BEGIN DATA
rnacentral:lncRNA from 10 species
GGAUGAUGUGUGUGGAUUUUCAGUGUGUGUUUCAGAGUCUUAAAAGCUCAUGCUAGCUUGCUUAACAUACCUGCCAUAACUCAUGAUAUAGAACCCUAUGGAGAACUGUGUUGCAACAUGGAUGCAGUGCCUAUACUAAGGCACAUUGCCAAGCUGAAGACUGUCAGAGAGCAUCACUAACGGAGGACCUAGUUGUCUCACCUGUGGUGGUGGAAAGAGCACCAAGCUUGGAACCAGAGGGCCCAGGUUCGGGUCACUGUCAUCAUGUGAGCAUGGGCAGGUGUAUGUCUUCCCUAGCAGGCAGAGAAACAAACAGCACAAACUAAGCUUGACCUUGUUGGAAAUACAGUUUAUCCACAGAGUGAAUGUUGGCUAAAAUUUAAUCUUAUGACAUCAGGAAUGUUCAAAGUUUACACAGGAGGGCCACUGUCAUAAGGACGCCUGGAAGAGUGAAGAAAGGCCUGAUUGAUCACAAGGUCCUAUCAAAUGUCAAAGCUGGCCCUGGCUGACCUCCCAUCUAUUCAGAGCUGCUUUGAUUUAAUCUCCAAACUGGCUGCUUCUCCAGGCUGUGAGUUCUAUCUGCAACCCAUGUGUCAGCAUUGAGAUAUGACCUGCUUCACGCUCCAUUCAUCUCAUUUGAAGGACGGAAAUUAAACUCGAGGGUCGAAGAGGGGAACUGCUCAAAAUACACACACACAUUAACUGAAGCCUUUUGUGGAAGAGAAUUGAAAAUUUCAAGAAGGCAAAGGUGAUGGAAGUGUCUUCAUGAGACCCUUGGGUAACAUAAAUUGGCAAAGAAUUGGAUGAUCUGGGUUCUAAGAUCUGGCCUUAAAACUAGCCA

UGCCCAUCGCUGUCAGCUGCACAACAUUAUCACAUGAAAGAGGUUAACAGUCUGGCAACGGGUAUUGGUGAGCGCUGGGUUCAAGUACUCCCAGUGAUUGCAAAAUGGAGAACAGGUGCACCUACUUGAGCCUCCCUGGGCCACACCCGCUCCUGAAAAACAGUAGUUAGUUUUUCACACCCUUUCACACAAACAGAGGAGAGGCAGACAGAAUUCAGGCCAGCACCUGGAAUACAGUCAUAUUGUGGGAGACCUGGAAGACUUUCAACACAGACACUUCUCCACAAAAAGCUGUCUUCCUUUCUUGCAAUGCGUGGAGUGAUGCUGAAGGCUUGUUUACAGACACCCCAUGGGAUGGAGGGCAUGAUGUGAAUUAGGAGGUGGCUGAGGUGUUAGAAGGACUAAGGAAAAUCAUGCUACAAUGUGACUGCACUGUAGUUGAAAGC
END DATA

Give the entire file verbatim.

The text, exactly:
rnacentral:lncRNA from 10 species
GGAUGAUGUGUGUGGAUUUUCAGUGUGUGUUUCAGAGUCUUAAAAGCUCAUGCUAGCUUGCUUAACAUACCUGCCAUAACUCAUGAUAUAGAACCCUAUGGAGAACUGUGUUGCAACAUGGAUGCAGUGCCUAUACUAAGGCACAUUGCCAAGCUGAAGACUGUCAGAGAGCAUCACUAACGGAGGACCUAGUUGUCUCACCUGUGGUGGUGGAAAGAGCACCAAGCUUGGAACCAGAGGGCCCAGGUUCGGGUCACUGUCAUCAUGUGAGCAUGGGCAGGUGUAUGUCUUCCCUAGCAGGCAGAGAAACAAACAGCACAAACUAAGCUUGACCUUGUUGGAAAUACAGUUUAUCCACAGAGUGAAUGUUGGCUAAAAUUUAAUCUUAUGACAUCAGGAAUGUUCAAAGUUUACACAGGAGGGCCACUGUCAUAAGGACGCCUGGAAGAGUGAAGAAAGGCCUGAUUGAUCACAAGGUCCUAUCAAAUGUCAAAGCUGGCCCUGGCUGACCUCCCAUCUAUUCAGAGCUGCUUUGAUUUAAUCUCCAAACUGGCUGCUUCUCCAGGCUGUGAGUUCUAUCUGCAACCCAUGUGUCAGCAUUGAGAUAUGACCUGCUUCACGCUCCAUUCAUCUCAUUUGAAGGACGGAAAUUAAACUCGAGGGUCGAAGAGGGGAACUGCUCAAAAUACACACACACAUUAACUGAAGCCUUUUGUGGAAGAGAAUUGAAAAUUUCAAGAAGGCAAAGGUGAUGGAAGUGUCUUCAUGAGACCCUUGGGUAACAUAAAUUGGCAAAGAAUUGGAUGAUCUGGGUUCUAAGAUCUGGCCUUAAAACUAGCCA

UGCCCAUCGCUGUCAGCUGCACAACAUUAUCACAUGAAAGAGGUUAACAGUCUGGCAACGGGUAUUGGUGAGCGCUGGGUUCAAGUACUCCCAGUGAUUGCAAAAUGGAGAACAGGUGCACCUACUUGAGCCUCCCUGGGCCACACCCGCUCCUGAAAAACAGUAGUUAGUUUUUCACACCCUUUCACACAAACAGAGGAGAGGCAGACAGAAUUCAGGCCAGCACCUGGAAUACAGUCAUAUUGUGGGAGACCUGGAAGACUUUCAACACAGACACUUCUCCACAAAAAGCUGUCUUCCUUUCUUGCAAUGCGUGGAGUGAUGCUGAAGGCUUGUUUACAGACACCCCAUGGGAUGGAGGGCAUGAUGUGAAUUAGGAGGUGGCUGAGGUGUUAGAAGGACUAAGGAAAAUCAUGCUACAAUGUGACUGCACUGUAGUUGAAAGC